What is a Ruptured Achilles Tendon?
The Achilles tendon is the tendon that attaches the calf muscles to the back of the heel bone. A ruptured Achilles tendon is similar to all tendon injuries, meaning their can be a partial or a total rupture of the tendon. A ruptured Achilles tendon is a commony seen lower leg injury suffered in competitive and recreational sports such as football and soccer. If there is a total rupture of the Achilles tendon, an Achilles tendon repair surgery is a necessity. Please immediately consult with a physician if you have suffered from this lower leg injury and follow the proper ice application techniques. Additionally, use the appropriate NSAID’s to help control the pain and inflammation that will come along with this injury.
Medical Definition of a Ruptured Achilles Tendon
Disruption of the Achilles tendon usually occurs 5 to 7 cm proximal to the insertion of tendon into the calcaneus or heel bone. A ruptured Achilles tendon commonly affects middle aged men who are participating in sports that involve quick, stop-and-go movements.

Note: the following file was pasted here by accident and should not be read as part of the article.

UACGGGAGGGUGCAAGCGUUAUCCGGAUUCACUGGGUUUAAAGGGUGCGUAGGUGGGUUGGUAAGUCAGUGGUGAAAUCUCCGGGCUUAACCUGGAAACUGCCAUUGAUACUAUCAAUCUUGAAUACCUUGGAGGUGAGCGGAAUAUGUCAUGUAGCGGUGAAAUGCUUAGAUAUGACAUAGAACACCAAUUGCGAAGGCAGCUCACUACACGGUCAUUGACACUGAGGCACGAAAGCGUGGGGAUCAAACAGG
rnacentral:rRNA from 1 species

- Heel Cord Rupture
- Tendoachilles Rupture
What are the symptoms of a Ruptured Achilles Tendon?
- Sudden, severe calf pain that is often descriped as a “gunshot wound.”
- Severe acute pain can diminish quickly; often misdiagnosed as an ankle sprain.
- Significant weakness will begin to occur in the lower leg.
- Swelling in the lower calf is common.
- Difficulty bearing weight on the side of the injured tendon.
- Ankle Sprain
- Achilles Tendonitis
- Calf Strain
Treatment of Ruptured Achilles Tendon
- Non-operative treatment consists of casting or bracing with the foot in plantar flexion.
- Surgical repair will also require immobilization with the foot in the plantar flexion position.
- Non-operative treatment is based on individuals activity level, age, condition and surgical risk.
- Stretching and strengthening exercises should be emphasized during rehabilitation.
- Achilles Tendon Repair
- Achilles Tendon
Greene W.B. (Ed). (2001). Essentials of Musculoskeletal Care.Rosemont, IL: American Academy of Orthopaedic Surgeons (420-421)